How to Organize a Kitchen for Moving

Organized kitchen utensils hanging from hooksThe kitchen is one of the most difficult rooms in a house to pack. It contains items you may need to use up until moving day, and many items in a kitchen are perishable, fragile, or require some heavy lifting, like large appliances.

For large kitchen moves, it’s best to leave the hard work to the professionals. If you have items you need to purge or you’d rather do the packing yourself, here are some tips to help you organize a kitchen for moving and lighten the load.

1. Use Up Your Perishables

Try to plan meals ahead for one to two weeks before your move to ensure you use up all your perishable ingredients, like meat, dairy, fruits, and vegetables. Professional movers won’t be able to transport these for you, and ensuring they stay fresh while transporting them yourself will add unnecessary stress to your move.

If you must take some perishables with you, like items from your freezer, pack them tightly in a cooler full of ice and make sure the utilities are on in your new home so you can immediately put them in the fridge or freezer.

As long as the temperature inside your cooler remains below 40 degrees, your food will be safe to eat. Otherwise, it will perish within two hours. If you’re not sure your perishables will be safe to eat, air on the side of caution and throw them away.

2. Sell or Donate What You Don’t Need

Rather than packing heavy canned goods and other non-perishables, consider donating them to a food bank. Good items to donate to a food bank are canned meats and vegetables, cooking oils, dried herbs and spices, nuts and granola bars, instant boxed meals like mashed potatoes and macaroni and cheese, boxes of pasta and cereal, and packages of dried beans and rice.

Will you be combining households with someone else? Go through your counters and utensil drawers and sort out any duplicates. You probably won’t need two microwaves, toasters, blenders, or can openers.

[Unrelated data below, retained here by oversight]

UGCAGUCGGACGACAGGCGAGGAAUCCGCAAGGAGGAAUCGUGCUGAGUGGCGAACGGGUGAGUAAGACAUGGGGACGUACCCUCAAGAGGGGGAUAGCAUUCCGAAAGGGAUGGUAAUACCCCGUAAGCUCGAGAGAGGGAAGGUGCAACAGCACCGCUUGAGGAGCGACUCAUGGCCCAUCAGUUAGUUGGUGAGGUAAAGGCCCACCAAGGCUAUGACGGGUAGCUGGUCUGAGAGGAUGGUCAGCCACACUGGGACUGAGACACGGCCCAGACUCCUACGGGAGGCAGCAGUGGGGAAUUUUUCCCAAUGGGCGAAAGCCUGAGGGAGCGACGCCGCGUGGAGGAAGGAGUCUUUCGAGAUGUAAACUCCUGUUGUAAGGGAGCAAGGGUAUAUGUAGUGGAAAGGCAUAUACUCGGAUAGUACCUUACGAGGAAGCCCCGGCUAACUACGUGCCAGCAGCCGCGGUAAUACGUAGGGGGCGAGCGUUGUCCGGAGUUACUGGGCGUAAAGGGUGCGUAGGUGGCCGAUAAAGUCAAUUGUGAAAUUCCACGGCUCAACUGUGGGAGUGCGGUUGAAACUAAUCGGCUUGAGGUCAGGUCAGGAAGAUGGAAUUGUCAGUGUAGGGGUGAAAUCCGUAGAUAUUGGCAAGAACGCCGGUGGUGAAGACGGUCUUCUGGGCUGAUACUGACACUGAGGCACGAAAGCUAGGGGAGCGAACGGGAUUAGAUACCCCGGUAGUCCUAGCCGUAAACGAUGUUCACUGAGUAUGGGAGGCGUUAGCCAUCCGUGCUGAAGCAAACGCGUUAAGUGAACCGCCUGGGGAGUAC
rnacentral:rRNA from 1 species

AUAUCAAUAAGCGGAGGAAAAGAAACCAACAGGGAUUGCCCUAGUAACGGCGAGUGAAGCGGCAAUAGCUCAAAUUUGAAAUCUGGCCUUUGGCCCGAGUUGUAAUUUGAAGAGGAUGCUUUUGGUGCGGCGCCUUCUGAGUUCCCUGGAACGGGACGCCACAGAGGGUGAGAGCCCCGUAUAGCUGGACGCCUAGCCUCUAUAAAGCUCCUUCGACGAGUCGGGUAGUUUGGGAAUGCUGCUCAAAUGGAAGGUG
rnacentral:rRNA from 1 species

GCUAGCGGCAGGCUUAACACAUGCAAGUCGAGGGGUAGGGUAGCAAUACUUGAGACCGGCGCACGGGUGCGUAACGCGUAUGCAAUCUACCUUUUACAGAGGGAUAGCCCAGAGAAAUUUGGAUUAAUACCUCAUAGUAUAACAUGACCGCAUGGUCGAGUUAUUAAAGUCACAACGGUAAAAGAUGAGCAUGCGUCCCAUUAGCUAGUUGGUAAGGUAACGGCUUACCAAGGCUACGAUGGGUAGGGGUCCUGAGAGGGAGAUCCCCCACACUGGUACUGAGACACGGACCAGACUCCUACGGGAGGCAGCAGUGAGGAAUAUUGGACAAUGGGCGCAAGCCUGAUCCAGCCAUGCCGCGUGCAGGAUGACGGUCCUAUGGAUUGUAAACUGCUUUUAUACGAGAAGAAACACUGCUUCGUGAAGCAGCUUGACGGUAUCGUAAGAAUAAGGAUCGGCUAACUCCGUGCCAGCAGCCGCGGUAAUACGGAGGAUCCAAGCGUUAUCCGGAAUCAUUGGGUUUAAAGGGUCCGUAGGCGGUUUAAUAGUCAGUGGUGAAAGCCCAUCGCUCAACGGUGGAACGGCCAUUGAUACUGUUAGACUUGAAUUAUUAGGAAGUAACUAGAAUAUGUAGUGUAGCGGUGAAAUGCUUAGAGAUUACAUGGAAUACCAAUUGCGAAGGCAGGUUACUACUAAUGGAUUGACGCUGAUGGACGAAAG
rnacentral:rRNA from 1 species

If they’re in nice enough condition, you can sell them on eBay or Facebook Marketplace. If they don’t sell or you don’t want to go to the trouble, you can ask friends and family if anyone is in need of them or give them away to a local charity.

3. Cut Out the Clutter

Have you been washing and reusing jars every time you empty one? Do you keep plastic utensils and sauce packets in case you might need them? A move is a great opportunity to confront your kitchen clutter and decide if it really needs to follow you into your new home. If you have a collection of plastic containers without lids or lids without matching containers, consider cleaning, drying, and recycling them along with any clean paper or plastic goods you haven’t used. Wherever you have too much of something, like empty pasta sauce jars, pare your collection down to the essentials and recycle or dispose of the rest.

Some kitchen items can be repurposed into art and crafts. You can hang vintage baking tins on the wall of your new kitchen, or break old ceramic plates into pieces that can be used to make stepping stones or coffee table surfaces. If you have children, they can use kitchen sponges for painting, and egg cartons for paint trays.

Now that you’ve learned how to organize a kitchen and lighten the load, find out how to pack your kitchen like a pro, or get a quote for professional packing and moving services from Weleski Transfer.